Thursday, 22 December 2011

The Caspian in 2012 - Turkey

From now until the end of the year, I will be running a series of posts offering some (guarded) predictions for 2012.

2011 was, on balance, a good year for Turkey. Despite the challenges posed by the Arab Spring, and the demise of the ‘zero problems with neighbours’ policy, Turkey has made huge strides in building itself as a regional power. At home the economy has been solid; the AKP won a resounding third term, solidifying political stability; and the army has been confined to barracks. 2012 is not likely to be so successful.

In 2012 the biggest foreign-policy challenges will remain Syria and Iran. A total collapse into chaos in Syria, or direct clashes on the border, could prompt Ankara into mounting a limited military intervention (under humanitarian auspices, probably).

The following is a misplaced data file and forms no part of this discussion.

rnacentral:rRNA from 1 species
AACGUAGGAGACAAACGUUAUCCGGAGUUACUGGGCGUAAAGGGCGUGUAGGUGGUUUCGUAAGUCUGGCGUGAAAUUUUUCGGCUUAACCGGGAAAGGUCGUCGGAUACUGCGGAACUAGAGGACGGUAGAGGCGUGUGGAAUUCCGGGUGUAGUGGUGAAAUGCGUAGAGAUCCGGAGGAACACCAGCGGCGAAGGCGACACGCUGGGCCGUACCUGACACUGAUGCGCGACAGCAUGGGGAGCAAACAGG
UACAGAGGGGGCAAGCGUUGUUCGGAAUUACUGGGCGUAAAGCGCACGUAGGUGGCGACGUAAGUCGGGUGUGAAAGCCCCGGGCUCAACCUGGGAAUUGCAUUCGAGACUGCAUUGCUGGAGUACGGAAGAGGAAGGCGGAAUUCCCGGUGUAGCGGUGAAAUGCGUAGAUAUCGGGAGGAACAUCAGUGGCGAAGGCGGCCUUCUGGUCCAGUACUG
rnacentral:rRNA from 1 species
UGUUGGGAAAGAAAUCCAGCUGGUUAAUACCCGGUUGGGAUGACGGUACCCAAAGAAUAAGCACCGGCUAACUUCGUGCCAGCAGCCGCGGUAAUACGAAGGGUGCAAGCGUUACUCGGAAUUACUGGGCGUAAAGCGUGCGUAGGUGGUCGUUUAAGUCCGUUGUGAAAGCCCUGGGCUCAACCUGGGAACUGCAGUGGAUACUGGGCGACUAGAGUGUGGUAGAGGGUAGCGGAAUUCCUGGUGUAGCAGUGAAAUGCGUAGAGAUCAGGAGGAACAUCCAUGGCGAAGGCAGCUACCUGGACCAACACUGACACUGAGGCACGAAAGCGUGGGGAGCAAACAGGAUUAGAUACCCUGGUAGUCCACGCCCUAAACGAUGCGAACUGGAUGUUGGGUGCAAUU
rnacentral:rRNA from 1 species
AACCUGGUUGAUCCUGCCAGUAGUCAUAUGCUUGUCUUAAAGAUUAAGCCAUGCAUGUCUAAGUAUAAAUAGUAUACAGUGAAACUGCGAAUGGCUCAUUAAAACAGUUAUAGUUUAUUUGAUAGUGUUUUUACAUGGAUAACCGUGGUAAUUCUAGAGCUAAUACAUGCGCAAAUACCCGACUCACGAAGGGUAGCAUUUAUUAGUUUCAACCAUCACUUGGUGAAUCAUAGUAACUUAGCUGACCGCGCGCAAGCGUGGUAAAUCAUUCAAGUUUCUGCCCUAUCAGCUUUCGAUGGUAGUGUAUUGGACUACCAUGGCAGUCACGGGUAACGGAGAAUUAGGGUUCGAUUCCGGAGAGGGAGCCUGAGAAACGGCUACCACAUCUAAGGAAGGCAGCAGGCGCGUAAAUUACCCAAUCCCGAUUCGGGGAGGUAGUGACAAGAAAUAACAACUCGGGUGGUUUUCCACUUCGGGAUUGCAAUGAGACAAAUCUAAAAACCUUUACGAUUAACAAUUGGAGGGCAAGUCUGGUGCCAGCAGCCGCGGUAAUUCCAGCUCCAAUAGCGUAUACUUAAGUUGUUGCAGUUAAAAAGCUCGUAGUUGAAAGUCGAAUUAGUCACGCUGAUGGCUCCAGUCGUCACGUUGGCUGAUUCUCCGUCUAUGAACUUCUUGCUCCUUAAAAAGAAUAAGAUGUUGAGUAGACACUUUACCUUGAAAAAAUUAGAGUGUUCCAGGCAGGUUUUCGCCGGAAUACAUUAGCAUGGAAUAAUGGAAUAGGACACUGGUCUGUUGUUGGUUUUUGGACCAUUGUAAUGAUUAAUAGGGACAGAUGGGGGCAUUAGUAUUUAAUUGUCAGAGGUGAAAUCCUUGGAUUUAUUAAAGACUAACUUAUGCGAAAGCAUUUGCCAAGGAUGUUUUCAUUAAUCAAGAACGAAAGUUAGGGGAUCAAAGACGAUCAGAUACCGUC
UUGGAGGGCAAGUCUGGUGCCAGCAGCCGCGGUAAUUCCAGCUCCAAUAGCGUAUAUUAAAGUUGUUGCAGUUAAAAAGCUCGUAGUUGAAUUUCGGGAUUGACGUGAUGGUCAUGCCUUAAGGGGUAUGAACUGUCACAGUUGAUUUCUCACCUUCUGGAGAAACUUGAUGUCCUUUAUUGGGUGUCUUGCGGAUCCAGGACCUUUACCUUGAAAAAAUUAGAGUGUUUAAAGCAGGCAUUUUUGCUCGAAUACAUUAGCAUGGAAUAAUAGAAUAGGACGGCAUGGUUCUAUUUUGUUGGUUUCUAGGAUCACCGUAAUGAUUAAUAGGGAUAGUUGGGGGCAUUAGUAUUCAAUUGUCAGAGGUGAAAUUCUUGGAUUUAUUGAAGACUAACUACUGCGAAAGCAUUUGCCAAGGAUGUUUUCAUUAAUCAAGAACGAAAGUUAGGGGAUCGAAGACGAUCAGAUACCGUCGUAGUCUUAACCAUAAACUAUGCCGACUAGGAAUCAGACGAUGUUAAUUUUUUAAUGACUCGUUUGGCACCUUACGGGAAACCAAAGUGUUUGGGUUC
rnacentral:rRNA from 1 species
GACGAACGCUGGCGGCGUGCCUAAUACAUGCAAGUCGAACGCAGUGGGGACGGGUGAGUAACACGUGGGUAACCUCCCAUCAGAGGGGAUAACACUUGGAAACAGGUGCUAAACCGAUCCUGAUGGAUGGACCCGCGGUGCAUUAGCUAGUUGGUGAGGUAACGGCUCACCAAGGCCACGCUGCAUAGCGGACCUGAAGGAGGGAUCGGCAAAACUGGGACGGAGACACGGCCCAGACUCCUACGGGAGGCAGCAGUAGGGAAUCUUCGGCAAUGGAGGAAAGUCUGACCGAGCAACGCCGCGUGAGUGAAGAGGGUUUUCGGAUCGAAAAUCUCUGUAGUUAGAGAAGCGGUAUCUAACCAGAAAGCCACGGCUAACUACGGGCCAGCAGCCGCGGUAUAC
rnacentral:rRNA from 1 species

Relations with Tehran will remain a mix of cordiality and competition. The relationship has soured somewhat recently: expect it to get worse if there is a new diplomatic crisis over Iran’s nuclear programme. In this scenario Ankara will try to compromise, vocally denouncing Western pressure against Iran whilst criticising Iranian intransigence. In any case, booming commercial and energy ties will continue to underpin the relationship and prevent a breakdown in ties.

Some significant geopolitical shifts will mean that the Kurdish issue will increasingly be a source of tension between Turkey, Iran, Iraq, and Syria. The US withdrawal from Iraq will deepen divisions between Baghdad and the Kurdistan Regional Government, making the KRG less willing to pressure to transnational Kurdish militants – why antagonise potential allies against the Iraqi Arabs?